Are you one of the 80% of people who will experience some form of low back pain within their lifetime? If so, you have many treatment options. It can be confusing to determine where to start. Physical Therapy as a first line intervention for low back pain has been shown to decrease total medical costs by 19% compared to injection first treatment, and by 75% compared to surgery first treatment (3). In fact, those who began Physical Therapy treatment within 15 days of diagnosis incurred lower treatment costs than those who began later (3).
Physical Therapy Management for Low Back Pain
Low back pain comes in a number of different forms for a number of different reasons. As physical therapists, we look at different factors that may predispose you to your current episode of pain and loss of function including:
- Range of Motion: local and global range of motion deficits may be predisposing you to low back pain during your daily activities
- Strength: core and lower extremity strength can play a factor in low back pain
- Exercise Routine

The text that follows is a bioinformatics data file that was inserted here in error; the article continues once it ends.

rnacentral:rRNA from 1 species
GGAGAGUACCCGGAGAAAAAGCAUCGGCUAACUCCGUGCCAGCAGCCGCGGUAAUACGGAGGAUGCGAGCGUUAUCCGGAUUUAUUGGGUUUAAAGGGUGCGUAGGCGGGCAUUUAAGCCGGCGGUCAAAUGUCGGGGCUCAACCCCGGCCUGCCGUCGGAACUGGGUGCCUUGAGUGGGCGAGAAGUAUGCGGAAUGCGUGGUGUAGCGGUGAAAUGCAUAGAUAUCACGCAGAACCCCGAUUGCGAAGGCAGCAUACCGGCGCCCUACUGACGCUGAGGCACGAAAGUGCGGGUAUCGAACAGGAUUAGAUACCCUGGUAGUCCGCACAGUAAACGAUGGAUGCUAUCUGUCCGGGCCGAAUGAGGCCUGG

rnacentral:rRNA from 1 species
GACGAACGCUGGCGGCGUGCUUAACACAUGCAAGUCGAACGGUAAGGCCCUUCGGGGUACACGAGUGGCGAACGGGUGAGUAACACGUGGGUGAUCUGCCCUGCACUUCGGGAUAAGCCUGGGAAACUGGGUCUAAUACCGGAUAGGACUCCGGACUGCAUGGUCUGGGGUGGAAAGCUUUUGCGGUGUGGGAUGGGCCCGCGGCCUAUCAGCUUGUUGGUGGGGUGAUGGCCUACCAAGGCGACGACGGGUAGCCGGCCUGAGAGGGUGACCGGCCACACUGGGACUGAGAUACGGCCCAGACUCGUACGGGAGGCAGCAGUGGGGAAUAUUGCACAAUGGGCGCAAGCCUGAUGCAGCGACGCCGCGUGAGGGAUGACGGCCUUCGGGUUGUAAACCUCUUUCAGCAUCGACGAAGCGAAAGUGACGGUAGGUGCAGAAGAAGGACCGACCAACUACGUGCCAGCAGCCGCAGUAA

- Work/Home/Recreational Lifestyle: demands of your daily life
- Movement Patterns and habits
Treatment strategy includes a balance of rest, stretching, exercise, modalities, and time. We can help you find the right balance and will likely include many of the following components:
- Manual Therapy:
- Joint mobilization: Gentle techniques to joint capsule to relieve pain and increase range of motion
- Soft tissue mobilization: Often referred to as “massage” of muscles and tendons to help increase blood flow, decrease tissue sensitivity and promote a reduction of pain and increase in function
- Graded Home Exercise Program:
- Range of motion exercises: Mobility and stretching to soft tissue structures. May be passive or active depending on the timeline of your condition